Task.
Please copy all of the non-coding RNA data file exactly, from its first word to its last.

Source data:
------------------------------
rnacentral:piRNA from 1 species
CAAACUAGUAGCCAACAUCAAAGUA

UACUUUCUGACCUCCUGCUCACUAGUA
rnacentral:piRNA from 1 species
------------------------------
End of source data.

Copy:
rnacentral:piRNA from 1 species
CAAACUAGUAGCCAACAUCAAAGUA

UACUUUCUGACCUCCUGCUCACUAGUA
rnacentral:piRNA from 1 species